Based on rocker Cheri Lovedog’s autobiographical play of the same name, Prey For Rock & Roll captures the life of Lovedog, the founder, singer, songwriter, and lead guitarist for the ’80s all-girl rock-and-roll band of the same name.

Prey For Rock & Roll is both real and at times raw–even depicting the violent conditions male-established rock clubs pose for women. Yet Prey is characteristically more humorous. It’s a story about Jacki (Gina Gershon, Bound), a sexy but aging punk rocker who’s the lead singer of the all-chick rock-and-roll band Clamdandy. She packs both attitude and despair in not having made it despite 10 years playing the L.A. club scene. Band members include bassist Tracy (Drea de Matteo, HBO’s The Sopranos), lead guitarist Faith (Lori Petty, Tank Girl), and twenty-something drummer Sally (Shelly Cole, The Princess And The Barrio Boy).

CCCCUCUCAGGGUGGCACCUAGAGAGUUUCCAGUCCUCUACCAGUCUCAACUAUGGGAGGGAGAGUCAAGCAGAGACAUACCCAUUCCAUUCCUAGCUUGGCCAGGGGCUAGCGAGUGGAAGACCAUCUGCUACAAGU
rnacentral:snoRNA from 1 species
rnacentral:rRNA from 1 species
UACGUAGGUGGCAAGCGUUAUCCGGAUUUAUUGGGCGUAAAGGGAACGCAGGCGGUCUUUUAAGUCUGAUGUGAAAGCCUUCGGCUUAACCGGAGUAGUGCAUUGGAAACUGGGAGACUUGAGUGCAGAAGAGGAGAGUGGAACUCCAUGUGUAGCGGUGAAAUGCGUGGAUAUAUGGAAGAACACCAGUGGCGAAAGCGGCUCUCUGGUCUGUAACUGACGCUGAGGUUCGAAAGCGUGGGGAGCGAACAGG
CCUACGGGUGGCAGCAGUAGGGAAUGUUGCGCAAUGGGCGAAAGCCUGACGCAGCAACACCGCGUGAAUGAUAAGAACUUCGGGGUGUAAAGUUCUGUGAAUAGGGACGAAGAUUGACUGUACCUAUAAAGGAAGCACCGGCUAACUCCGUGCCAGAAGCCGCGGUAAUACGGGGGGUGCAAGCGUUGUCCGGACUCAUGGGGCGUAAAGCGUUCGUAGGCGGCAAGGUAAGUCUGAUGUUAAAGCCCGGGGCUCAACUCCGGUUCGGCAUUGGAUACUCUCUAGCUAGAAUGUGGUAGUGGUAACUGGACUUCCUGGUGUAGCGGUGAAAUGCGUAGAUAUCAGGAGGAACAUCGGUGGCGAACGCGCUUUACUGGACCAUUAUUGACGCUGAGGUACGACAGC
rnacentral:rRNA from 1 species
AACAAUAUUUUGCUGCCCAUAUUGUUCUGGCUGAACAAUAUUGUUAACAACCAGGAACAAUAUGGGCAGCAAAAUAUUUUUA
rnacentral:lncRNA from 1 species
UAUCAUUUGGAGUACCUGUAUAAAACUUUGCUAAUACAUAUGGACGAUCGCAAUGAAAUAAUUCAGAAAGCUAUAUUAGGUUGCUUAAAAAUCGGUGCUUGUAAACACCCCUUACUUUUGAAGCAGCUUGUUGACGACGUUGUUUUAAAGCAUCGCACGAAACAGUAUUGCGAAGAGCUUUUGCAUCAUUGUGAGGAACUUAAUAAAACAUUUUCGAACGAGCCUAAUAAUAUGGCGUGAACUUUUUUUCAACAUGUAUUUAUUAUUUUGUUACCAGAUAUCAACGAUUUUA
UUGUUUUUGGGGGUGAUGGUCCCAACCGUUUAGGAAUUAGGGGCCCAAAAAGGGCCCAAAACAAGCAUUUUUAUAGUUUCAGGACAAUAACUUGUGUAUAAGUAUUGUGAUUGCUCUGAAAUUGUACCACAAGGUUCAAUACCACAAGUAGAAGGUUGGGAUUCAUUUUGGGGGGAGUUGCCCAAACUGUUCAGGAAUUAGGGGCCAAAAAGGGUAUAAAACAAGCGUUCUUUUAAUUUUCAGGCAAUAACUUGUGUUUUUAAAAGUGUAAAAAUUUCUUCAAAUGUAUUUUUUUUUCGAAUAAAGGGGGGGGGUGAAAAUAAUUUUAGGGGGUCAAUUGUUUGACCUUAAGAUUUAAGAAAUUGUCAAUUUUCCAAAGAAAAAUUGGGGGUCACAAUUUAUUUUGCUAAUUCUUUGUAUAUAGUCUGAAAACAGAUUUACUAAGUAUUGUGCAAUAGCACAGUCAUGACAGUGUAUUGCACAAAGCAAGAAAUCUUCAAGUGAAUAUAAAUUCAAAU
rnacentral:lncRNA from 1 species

Set in Hollywood during the alternative music scene, a small recording label is courting the band by tempting their palettes with a sweet deal–the opening slot for X. But with her birthday fast approaching, Jacki is at a crossroads because of a promise she made to herself more than a decade earlier to quit the music business by age 40 if not yet successful. Jacki resolves to play this one last gig. She hopes the band’s many years of hard rocking, Aqua Net spraying, couch touring, and slugging it out in small clubs for even smaller amounts of cash is all about to pay off. However, when personal tragedies threaten to rip the band apart, rocking the foundation of their friendships and trust, it’s clear it’ll take more than just hope to keep them together.